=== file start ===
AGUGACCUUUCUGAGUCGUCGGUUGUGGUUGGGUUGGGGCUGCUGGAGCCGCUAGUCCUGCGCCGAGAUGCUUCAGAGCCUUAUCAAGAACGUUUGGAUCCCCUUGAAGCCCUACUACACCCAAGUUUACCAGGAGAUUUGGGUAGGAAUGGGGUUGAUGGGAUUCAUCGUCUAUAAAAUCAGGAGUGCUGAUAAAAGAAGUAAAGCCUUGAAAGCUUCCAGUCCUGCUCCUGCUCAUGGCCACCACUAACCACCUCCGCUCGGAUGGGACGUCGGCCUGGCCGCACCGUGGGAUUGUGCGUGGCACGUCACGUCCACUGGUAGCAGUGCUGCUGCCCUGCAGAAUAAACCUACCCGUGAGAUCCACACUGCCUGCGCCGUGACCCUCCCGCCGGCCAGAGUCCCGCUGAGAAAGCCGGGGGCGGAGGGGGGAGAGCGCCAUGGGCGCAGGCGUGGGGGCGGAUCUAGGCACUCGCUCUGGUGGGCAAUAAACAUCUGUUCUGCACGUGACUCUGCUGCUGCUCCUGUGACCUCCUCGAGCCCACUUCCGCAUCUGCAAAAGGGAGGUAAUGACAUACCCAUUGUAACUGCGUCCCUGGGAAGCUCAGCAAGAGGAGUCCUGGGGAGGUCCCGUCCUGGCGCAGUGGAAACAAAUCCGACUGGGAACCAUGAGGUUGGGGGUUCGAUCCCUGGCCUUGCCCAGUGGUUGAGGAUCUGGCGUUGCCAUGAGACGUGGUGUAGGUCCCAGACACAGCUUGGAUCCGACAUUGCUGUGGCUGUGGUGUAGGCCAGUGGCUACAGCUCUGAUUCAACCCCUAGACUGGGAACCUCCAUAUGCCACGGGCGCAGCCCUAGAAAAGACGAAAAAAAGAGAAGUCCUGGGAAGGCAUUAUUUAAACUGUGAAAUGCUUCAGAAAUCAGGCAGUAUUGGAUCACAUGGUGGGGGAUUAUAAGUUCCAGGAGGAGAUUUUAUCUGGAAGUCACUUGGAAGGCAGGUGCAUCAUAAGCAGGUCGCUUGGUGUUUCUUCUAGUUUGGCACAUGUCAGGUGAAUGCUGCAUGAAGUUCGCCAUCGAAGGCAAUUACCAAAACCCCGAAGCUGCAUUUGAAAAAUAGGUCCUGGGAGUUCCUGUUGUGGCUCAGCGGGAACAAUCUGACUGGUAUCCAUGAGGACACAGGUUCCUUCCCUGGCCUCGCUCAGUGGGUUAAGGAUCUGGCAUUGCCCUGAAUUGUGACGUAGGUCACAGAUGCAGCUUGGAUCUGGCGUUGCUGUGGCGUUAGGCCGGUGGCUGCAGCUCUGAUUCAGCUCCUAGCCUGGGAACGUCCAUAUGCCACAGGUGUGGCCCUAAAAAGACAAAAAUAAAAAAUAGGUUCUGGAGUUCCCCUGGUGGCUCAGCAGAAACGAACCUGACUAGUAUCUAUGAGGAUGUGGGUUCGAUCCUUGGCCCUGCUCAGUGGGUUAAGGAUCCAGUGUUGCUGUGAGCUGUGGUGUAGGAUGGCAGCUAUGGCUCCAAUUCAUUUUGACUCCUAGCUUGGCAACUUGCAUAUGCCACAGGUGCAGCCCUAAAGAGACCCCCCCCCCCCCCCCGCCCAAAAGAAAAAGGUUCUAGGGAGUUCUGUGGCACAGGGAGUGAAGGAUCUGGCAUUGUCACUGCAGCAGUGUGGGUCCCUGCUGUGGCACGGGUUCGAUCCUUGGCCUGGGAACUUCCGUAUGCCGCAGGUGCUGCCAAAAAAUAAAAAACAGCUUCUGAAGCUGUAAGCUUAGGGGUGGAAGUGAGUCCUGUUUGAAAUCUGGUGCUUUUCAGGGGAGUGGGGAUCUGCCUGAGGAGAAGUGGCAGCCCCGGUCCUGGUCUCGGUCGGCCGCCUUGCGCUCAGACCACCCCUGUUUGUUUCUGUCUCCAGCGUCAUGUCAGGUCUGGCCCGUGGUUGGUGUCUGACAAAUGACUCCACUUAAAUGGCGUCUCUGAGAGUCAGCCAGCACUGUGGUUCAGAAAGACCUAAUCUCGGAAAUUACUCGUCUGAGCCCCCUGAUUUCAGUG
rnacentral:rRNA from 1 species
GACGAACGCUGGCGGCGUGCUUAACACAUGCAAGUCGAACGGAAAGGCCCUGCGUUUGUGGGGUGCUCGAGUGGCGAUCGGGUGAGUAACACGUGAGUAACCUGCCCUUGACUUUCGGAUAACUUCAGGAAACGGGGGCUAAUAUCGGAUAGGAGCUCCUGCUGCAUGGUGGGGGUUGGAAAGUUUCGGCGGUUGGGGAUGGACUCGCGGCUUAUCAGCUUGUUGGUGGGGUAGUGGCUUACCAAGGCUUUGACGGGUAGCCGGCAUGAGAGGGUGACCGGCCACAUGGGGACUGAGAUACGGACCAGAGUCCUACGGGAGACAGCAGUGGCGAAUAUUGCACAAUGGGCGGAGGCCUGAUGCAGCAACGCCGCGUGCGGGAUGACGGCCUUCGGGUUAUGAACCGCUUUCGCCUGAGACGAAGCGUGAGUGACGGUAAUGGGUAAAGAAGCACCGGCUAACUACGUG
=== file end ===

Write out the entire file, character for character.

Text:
AGUGACCUUUCUGAGUCGUCGGUUGUGGUUGGGUUGGGGCUGCUGGAGCCGCUAGUCCUGCGCCGAGAUGCUUCAGAGCCUUAUCAAGAACGUUUGGAUCCCCUUGAAGCCCUACUACACCCAAGUUUACCAGGAGAUUUGGGUAGGAAUGGGGUUGAUGGGAUUCAUCGUCUAUAAAAUCAGGAGUGCUGAUAAAAGAAGUAAAGCCUUGAAAGCUUCCAGUCCUGCUCCUGCUCAUGGCCACCACUAACCACCUCCGCUCGGAUGGGACGUCGGCCUGGCCGCACCGUGGGAUUGUGCGUGGCACGUCACGUCCACUGGUAGCAGUGCUGCUGCCCUGCAGAAUAAACCUACCCGUGAGAUCCACACUGCCUGCGCCGUGACCCUCCCGCCGGCCAGAGUCCCGCUGAGAAAGCCGGGGGCGGAGGGGGGAGAGCGCCAUGGGCGCAGGCGUGGGGGCGGAUCUAGGCACUCGCUCUGGUGGGCAAUAAACAUCUGUUCUGCACGUGACUCUGCUGCUGCUCCUGUGACCUCCUCGAGCCCACUUCCGCAUCUGCAAAAGGGAGGUAAUGACAUACCCAUUGUAACUGCGUCCCUGGGAAGCUCAGCAAGAGGAGUCCUGGGGAGGUCCCGUCCUGGCGCAGUGGAAACAAAUCCGACUGGGAACCAUGAGGUUGGGGGUUCGAUCCCUGGCCUUGCCCAGUGGUUGAGGAUCUGGCGUUGCCAUGAGACGUGGUGUAGGUCCCAGACACAGCUUGGAUCCGACAUUGCUGUGGCUGUGGUGUAGGCCAGUGGCUACAGCUCUGAUUCAACCCCUAGACUGGGAACCUCCAUAUGCCACGGGCGCAGCCCUAGAAAAGACGAAAAAAAGAGAAGUCCUGGGAAGGCAUUAUUUAAACUGUGAAAUGCUUCAGAAAUCAGGCAGUAUUGGAUCACAUGGUGGGGGAUUAUAAGUUCCAGGAGGAGAUUUUAUCUGGAAGUCACUUGGAAGGCAGGUGCAUCAUAAGCAGGUCGCUUGGUGUUUCUUCUAGUUUGGCACAUGUCAGGUGAAUGCUGCAUGAAGUUCGCCAUCGAAGGCAAUUACCAAAACCCCGAAGCUGCAUUUGAAAAAUAGGUCCUGGGAGUUCCUGUUGUGGCUCAGCGGGAACAAUCUGACUGGUAUCCAUGAGGACACAGGUUCCUUCCCUGGCCUCGCUCAGUGGGUUAAGGAUCUGGCAUUGCCCUGAAUUGUGACGUAGGUCACAGAUGCAGCUUGGAUCUGGCGUUGCUGUGGCGUUAGGCCGGUGGCUGCAGCUCUGAUUCAGCUCCUAGCCUGGGAACGUCCAUAUGCCACAGGUGUGGCCCUAAAAAGACAAAAAUAAAAAAUAGGUUCUGGAGUUCCCCUGGUGGCUCAGCAGAAACGAACCUGACUAGUAUCUAUGAGGAUGUGGGUUCGAUCCUUGGCCCUGCUCAGUGGGUUAAGGAUCCAGUGUUGCUGUGAGCUGUGGUGUAGGAUGGCAGCUAUGGCUCCAAUUCAUUUUGACUCCUAGCUUGGCAACUUGCAUAUGCCACAGGUGCAGCCCUAAAGAGACCCCCCCCCCCCCCCCGCCCAAAAGAAAAAGGUUCUAGGGAGUUCUGUGGCACAGGGAGUGAAGGAUCUGGCAUUGUCACUGCAGCAGUGUGGGUCCCUGCUGUGGCACGGGUUCGAUCCUUGGCCUGGGAACUUCCGUAUGCCGCAGGUGCUGCCAAAAAAUAAAAAACAGCUUCUGAAGCUGUAAGCUUAGGGGUGGAAGUGAGUCCUGUUUGAAAUCUGGUGCUUUUCAGGGGAGUGGGGAUCUGCCUGAGGAGAAGUGGCAGCCCCGGUCCUGGUCUCGGUCGGCCGCCUUGCGCUCAGACCACCCCUGUUUGUUUCUGUCUCCAGCGUCAUGUCAGGUCUGGCCCGUGGUUGGUGUCUGACAAAUGACUCCACUUAAAUGGCGUCUCUGAGAGUCAGCCAGCACUGUGGUUCAGAAAGACCUAAUCUCGGAAAUUACUCGUCUGAGCCCCCUGAUUUCAGUG
rnacentral:rRNA from 1 species
GACGAACGCUGGCGGCGUGCUUAACACAUGCAAGUCGAACGGAAAGGCCCUGCGUUUGUGGGGUGCUCGAGUGGCGAUCGGGUGAGUAACACGUGAGUAACCUGCCCUUGACUUUCGGAUAACUUCAGGAAACGGGGGCUAAUAUCGGAUAGGAGCUCCUGCUGCAUGGUGGGGGUUGGAAAGUUUCGGCGGUUGGGGAUGGACUCGCGGCUUAUCAGCUUGUUGGUGGGGUAGUGGCUUACCAAGGCUUUGACGGGUAGCCGGCAUGAGAGGGUGACCGGCCACAUGGGGACUGAGAUACGGACCAGAGUCCUACGGGAGACAGCAGUGGCGAAUAUUGCACAAUGGGCGGAGGCCUGAUGCAGCAACGCCGCGUGCGGGAUGACGGCCUUCGGGUUAUGAACCGCUUUCGCCUGAGACGAAGCGUGAGUGACGGUAAUGGGUAAAGAAGCACCGGCUAACUACGUG